When lockdown struck, the team at the University of Northampton rallied together to keep courses running as smoothly as possible. Here, staff share examples of how they moved their courses out of the classroom and onto the screen.
Production week goes virtual
For the working with a director module, students experience the complex process of working under the direction of a professional director to achieve a performance. Students prepare for and undergo an audition process, undertake an intensive rehearsal period, and participate in a production week in which they experience industry standard technical rehearsals, dress rehearsals and a short run of performances.
This project is usually the highlight of the second year for our students – it is a culmination of all their hard work. It manifests in an open-air production and we invite local schools to attend. In 2020, this had to change, and at very short notice.
It was decided we could make a 90-minute film, with the students filming themselves in their homes and via online tools such as Cisco Webex to create a 'Locked Down Shakespeare'.
Some of the students were at first apprehensive but as they have worked in rehearsals with their directors, they have seen that this is not only possible, but an opportunity to work in a way that hasn't been done before. A chance to triumph over adversity, make something beautiful, give people hope and look back on fondly.
When their grandchildren ask them what they did during the lockdown - they can show them this!
You can watch the video in full on YouTube.
Police constable degree apprenticeship
Creating practical exercises online
Apprentices studying to be police officers were able to continue their studies without drastic interruption during lockdown after we moved modules online.
One exercise at the end of their initial training is to ‘police’ a shopping centre. They use their newly acquired powers and procedures under the supervision of an experienced instructor at ‘incidents’.
This is a developmental exercise prior to formal deployment with a tutor constable. We recreated this virtually via our virtual learning environment. Students needed to watch a video and then answer related questions.
Incidents covered included were drink drivers, missing persons, allegations of robbery, shoplifting and suspicious activity. Their answers were then discussed in a group webinar session, meaning the whole class could learn from the experience.
Giving evidence in court
Normally this course includes a mock courtroom scenario where police officer apprentices present statements from an incident in front of two criminal barristers representing the defence and the prosecution. As this wasn’t possible during lockdown, we replicated it using webinar software.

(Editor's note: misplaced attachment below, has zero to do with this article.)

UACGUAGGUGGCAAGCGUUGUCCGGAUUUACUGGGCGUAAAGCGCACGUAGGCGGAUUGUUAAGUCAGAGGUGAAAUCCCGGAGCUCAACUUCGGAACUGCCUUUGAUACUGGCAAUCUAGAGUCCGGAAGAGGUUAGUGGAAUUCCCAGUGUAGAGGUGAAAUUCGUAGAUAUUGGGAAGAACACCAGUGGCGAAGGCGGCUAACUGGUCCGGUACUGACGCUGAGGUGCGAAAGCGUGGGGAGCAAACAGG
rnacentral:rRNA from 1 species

Students ‘attended’ court online and faced cross-examination by the barristers in a similar way as they would have normally: Two barristers onscreen listening to the testimony of the officer while asking questions.
This seemed equally challenging to the apprentices and all reported that it had been beneficial.
The essentials of midwifery module gives students a sound knowledge of anatomy and physiology, an introduction to midwifery care in the ante, intra and postnatal periods, including care of a newborn.
As part of our blended learning approach, we wanted to develop a resource that students could use during self-directed study which could provide an introduction to the body systems – learning that could then be developed further with facilitated online sessions. The resource would need to pull together a number of different e-resources into a student-friendly e-learning package.
Created using Xerte Bootstrap, the tool was initially just developed for midwifery students, however, longer term, it has the potential to be used more widely across the faculty of health, education and society for other programmes that also have basic anatomy and physiology input.
Creating virtual clinical assessments
In normal circumstances, first-year student midwives complete an Objective Structured Clinical Examination (OSCE) where they are assessed on two core skills essential of midwifery care.
As face-to-face assessment were not possible, it was turned into an online viva, with students articulating step-by-step how they would perform the clinical skills. The vivas took place in a Blackboard Collaborate classroom where the assessor could both see and hear the students during the assessment.
As part of the support for students coping with the change, they were given revised assessment guidelines and three virtual module leader drop-in sessions.
For more examples of how innovation during lockdown is inspiring long-term change in higher education, see the learning and teaching reimagined initiative.